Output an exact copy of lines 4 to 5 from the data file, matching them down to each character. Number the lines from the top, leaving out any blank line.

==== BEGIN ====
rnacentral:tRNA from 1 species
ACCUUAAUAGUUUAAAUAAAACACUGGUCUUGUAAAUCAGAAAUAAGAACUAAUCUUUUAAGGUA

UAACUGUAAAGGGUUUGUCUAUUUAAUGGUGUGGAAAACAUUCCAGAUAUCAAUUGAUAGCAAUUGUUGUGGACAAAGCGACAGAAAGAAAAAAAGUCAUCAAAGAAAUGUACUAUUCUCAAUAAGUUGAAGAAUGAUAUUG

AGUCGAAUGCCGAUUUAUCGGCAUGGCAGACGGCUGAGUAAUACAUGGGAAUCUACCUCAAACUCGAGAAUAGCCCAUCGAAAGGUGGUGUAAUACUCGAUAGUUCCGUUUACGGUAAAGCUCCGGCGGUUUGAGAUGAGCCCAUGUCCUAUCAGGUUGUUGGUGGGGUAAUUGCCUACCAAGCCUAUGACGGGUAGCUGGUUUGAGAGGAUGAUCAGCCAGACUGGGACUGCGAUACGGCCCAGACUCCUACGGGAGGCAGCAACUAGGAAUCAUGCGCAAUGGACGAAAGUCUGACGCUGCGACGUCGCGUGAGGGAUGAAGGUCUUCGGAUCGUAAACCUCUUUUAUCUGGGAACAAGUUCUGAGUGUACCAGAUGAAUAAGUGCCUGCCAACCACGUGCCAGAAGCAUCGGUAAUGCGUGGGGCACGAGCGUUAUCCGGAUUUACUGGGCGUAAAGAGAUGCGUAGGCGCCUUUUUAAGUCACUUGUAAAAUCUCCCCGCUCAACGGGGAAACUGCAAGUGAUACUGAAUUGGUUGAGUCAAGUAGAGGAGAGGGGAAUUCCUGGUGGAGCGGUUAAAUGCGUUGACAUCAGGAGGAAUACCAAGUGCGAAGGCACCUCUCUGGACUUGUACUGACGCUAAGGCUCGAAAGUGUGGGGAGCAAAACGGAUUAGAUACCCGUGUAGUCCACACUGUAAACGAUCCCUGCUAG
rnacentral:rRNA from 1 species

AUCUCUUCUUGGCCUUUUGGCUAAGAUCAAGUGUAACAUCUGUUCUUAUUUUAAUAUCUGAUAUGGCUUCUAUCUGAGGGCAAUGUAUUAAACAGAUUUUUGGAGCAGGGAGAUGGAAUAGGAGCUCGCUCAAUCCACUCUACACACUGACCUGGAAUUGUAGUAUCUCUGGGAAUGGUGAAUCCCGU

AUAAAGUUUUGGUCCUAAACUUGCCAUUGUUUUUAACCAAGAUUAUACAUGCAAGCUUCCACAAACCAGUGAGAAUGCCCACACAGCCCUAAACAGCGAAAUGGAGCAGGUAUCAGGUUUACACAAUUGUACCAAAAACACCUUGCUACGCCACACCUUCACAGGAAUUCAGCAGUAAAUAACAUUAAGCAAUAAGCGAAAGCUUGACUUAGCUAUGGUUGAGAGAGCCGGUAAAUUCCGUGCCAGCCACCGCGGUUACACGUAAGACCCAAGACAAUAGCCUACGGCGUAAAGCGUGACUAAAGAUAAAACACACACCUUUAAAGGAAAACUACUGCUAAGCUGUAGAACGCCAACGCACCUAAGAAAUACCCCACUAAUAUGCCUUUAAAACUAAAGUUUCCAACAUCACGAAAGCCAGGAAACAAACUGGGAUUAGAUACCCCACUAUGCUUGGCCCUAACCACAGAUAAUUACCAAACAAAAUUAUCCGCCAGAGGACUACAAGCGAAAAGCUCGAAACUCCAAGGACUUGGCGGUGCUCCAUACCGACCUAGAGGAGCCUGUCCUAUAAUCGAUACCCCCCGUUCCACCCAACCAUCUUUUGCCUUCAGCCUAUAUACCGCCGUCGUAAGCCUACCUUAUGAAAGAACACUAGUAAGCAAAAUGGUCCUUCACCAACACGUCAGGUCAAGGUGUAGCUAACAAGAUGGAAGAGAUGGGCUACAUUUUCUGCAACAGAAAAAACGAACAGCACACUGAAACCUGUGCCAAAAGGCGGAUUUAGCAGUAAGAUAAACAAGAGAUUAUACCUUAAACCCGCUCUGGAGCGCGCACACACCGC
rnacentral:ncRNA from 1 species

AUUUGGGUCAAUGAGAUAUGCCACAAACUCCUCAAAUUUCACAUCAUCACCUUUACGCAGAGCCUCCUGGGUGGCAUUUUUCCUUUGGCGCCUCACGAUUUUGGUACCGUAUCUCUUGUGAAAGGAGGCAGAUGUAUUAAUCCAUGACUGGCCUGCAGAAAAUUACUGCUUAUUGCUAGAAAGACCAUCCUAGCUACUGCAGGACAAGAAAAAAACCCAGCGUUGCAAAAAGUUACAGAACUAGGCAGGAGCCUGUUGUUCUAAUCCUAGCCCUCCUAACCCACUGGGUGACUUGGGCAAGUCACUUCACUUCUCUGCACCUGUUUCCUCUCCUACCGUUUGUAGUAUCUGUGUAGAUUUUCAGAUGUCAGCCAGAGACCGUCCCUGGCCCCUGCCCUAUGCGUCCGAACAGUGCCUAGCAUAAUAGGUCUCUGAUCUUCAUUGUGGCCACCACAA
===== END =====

AGUCGAAUGCCGAUUUAUCGGCAUGGCAGACGGCUGAGUAAUACAUGGGAAUCUACCUCAAACUCGAGAAUAGCCCAUCGAAAGGUGGUGUAAUACUCGAUAGUUCCGUUUACGGUAAAGCUCCGGCGGUUUGAGAUGAGCCCAUGUCCUAUCAGGUUGUUGGUGGGGUAAUUGCCUACCAAGCCUAUGACGGGUAGCUGGUUUGAGAGGAUGAUCAGCCAGACUGGGACUGCGAUACGGCCCAGACUCCUACGGGAGGCAGCAACUAGGAAUCAUGCGCAAUGGACGAAAGUCUGACGCUGCGACGUCGCGUGAGGGAUGAAGGUCUUCGGAUCGUAAACCUCUUUUAUCUGGGAACAAGUUCUGAGUGUACCAGAUGAAUAAGUGCCUGCCAACCACGUGCCAGAAGCAUCGGUAAUGCGUGGGGCACGAGCGUUAUCCGGAUUUACUGGGCGUAAAGAGAUGCGUAGGCGCCUUUUUAAGUCACUUGUAAAAUCUCCCCGCUCAACGGGGAAACUGCAAGUGAUACUGAAUUGGUUGAGUCAAGUAGAGGAGAGGGGAAUUCCUGGUGGAGCGGUUAAAUGCGUUGACAUCAGGAGGAAUACCAAGUGCGAAGGCACCUCUCUGGACUUGUACUGACGCUAAGGCUCGAAAGUGUGGGGAGCAAAACGGAUUAGAUACCCGUGUAGUCCACACUGUAAACGAUCCCUGCUAG
rnacentral:rRNA from 1 species